Wednesday, November 11, 2015

Consecrated Words

So, after almost 5 months of being a priest, I hit my low. It was bound to happen but, now that I've canvassed a few other Jesuits, it seems that my experience was pretty unique. Thus I share it with you, the readers, inasmuch as it gives me an opportunity to set it out in writing and provides me some distance from the events.

This morning I was the celebrant at a Veteran's Day mass at a downtown Boston parish. It was a really wonderful gathering of people and there were quite a few members of our Armed Services in attendance. Indeed, the deacon of the Word and our homilist was himself a veteran. In my mind, it was a great honor to be able to preside at a liturgy in honor of so many - including Grandpa Duns - who had given so much for our country.

During our celebration, one member of the congregation began to speak directly to me from the congregation. His words were hard to hear and I'm reluctant to duplicate them. Suffice it to say that they were not words one would normally expect to hear during the Eucharist.

His words began as a quiet litany of curses and threats as kept saying, "I'm going to kill you, priest." When I came down to receive the gifts at the offertory, I could still hear him swearing and threatening and I did my best to put it from my mind.

During the Eucharistic prayer, as I held out the chalice, I made eye contact with him. As I recited the words:

Take this, all of you, and drink from it,
for this is the chalice of my blood,
the blood of the new and eternal covenant,
which will be poured out for you and for many 
for the forgiveness of sins

and, as I spoke, he amplified his mantra, "F*#@ You! You F#*!! I'm going to Kill You!" He said other things, too, but I reckon you can fill in the words using your imagination. 

I will admit that I was frightened. I will admit, too, that I was extraordinarily sad...because I don't know what pain this man experiences. I can chalk it up to mental illness but, at the end of the day, I really don't know why he said what he did, but only that he did. 

This is not the sort of thing they prepare you for in your liturgy courses! As I was reminded tonight by other Jesuits, he could have had a knife, or a gun. My reading, at least at the time, was that he was harmless...but I didn't know that for sure. I did what came naturally as a high school teacher: I added no energy to the system. Nevertheless, while outwardly calm, inwardly I was a wreck and could but one thing:  I redoubled my prayer. I asked the Lord to allay my fears and to accept these words...terrible part of the community's offering. Whatever pain he feels, I hope, can be taken up and transformed by the power of the Spirit.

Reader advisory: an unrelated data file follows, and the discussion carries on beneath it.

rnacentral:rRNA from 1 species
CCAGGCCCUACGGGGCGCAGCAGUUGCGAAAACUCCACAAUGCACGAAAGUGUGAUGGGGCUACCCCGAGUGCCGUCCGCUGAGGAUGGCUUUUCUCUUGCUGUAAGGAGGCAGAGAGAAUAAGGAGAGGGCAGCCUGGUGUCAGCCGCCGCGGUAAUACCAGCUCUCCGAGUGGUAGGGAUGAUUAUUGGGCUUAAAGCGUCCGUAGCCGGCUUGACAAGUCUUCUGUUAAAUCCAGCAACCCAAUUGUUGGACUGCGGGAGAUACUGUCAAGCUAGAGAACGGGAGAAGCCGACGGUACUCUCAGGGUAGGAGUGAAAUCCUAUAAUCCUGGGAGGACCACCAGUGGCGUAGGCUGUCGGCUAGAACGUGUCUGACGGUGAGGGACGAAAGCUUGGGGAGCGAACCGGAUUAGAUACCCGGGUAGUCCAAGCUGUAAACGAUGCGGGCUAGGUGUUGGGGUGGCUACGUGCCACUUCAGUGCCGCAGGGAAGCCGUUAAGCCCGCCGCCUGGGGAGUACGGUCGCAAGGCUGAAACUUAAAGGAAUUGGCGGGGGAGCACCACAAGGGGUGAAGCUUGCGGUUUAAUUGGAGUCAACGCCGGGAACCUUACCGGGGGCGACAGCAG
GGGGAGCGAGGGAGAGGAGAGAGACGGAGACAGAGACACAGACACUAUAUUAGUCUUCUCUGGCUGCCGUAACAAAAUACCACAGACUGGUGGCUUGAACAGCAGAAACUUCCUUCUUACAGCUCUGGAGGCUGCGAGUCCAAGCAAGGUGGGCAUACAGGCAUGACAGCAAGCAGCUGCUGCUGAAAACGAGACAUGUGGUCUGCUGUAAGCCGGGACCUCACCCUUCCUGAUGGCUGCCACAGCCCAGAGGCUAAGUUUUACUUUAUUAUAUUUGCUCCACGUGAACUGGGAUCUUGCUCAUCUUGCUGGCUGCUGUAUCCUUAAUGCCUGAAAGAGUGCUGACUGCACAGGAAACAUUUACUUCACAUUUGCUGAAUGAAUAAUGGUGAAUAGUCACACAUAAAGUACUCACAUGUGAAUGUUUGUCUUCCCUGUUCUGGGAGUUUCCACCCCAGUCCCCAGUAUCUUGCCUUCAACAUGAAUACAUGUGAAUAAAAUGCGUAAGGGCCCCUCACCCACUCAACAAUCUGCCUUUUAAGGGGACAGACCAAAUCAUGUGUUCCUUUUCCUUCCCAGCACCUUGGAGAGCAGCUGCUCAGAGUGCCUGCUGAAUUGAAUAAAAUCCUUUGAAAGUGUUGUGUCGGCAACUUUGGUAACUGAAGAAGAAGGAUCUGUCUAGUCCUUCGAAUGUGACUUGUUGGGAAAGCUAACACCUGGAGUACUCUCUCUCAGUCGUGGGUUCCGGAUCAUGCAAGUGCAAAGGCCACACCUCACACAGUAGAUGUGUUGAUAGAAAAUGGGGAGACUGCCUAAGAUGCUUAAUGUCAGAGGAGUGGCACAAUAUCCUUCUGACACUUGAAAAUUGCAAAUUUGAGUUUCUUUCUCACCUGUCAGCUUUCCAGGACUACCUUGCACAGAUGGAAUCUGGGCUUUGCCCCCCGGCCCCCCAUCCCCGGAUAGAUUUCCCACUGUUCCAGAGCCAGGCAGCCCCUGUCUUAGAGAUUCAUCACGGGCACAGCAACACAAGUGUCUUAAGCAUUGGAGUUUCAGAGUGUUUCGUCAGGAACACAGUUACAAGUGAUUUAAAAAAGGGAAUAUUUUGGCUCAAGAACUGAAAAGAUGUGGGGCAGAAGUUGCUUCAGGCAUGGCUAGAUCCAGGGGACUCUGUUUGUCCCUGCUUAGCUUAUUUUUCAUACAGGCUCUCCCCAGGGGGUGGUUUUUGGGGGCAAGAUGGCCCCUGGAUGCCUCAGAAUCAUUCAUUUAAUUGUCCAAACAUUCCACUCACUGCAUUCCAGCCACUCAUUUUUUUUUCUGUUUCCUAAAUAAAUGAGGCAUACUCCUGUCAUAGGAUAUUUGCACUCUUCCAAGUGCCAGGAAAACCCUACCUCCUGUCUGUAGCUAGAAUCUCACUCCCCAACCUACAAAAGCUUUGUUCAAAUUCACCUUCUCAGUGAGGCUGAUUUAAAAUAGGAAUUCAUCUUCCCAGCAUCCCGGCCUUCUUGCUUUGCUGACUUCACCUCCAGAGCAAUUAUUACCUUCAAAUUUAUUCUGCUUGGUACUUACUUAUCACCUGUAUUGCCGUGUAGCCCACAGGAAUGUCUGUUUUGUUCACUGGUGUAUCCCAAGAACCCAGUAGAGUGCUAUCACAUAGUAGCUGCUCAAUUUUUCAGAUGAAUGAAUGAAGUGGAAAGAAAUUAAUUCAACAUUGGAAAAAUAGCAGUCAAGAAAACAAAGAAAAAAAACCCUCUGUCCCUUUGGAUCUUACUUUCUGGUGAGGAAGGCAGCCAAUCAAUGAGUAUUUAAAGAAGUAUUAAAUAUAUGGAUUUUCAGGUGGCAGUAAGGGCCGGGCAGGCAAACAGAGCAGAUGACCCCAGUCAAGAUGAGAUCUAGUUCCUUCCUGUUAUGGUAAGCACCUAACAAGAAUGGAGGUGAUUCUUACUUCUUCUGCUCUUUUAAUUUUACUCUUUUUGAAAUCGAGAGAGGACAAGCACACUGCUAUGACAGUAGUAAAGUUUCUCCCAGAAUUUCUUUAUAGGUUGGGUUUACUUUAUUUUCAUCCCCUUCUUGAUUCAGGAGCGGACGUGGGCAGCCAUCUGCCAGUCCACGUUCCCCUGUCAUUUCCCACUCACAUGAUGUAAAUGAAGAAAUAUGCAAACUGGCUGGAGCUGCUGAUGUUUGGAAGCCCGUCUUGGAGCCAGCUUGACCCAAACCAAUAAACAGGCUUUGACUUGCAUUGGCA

At the end of Mass, before the final blessing, he left in a rage and shouted out further terrible words as he walked down the aisle. In some ways, I was embarrassed by what he said. And when he finally left the church and walked outside, I didn't feel relieved. I felt...and continue to feel...sad.

And I've been sad all day. I'm troubled and I keep second-guessing whether I acted and responded appropriately. Should the police have been called as a precaution? Should I have stopped the liturgy to speak with him? Could I have done anything? 

On one level, this man's words had no place in least, we would like to think. We often come to church with the "right speech" and would never dream of swearing. On another level, though, I wonder if this man's prayers - as disturbing and hurtful as they were - were not just what were needed to be brought to the altar. He didn't come with pious platitudes but with rage and anger. That is what he could offer and as a priest it is the gift I had no choice but to accept. A bitter draught to swallow and coarse bread to chew, but it is what he brought forward.

Was this what we would want to call "hate speech"? Maybe. It is speech coming from a fellow traveller who suffers in some way? Yes. That said, even if it were the ravings of a deeply disturbed person, it's what he brought to the Eucharist today. This was his - admittedly hard to hear - offering at Mass.

Quite audibly, at least to those of us on the altar, his words mingled with mine at the consecration; his pain intertwined with the church's prayer. I offered the "fruit of the earth and work of human hands" and he added the pain of a human heart. If the offering of bread and wine can become the Body and Blood of Christ, then I trust his words can be taken up and transformed from a litany of hurt into a song of healing and praise. 


Mind you: I don't take it personally. Whether it were me or any other priest, I bet he'd have acted the same. But it's hard to think that someone could be in so much pain that this is how it would have to be expressed. 

Ah well, it's not yet 9:00 and I'm tired. I'm also aware that it's a long time since I've posted. I apologize for my silence but know that it has been time well spent as I continue to read and study for my PhD and work as a priest here in Boston. I pray regularly for those who continue to accompany me on this journey and I hope, in time, to resume writing with more regularity. 

Flute playing priest finds YouTube fame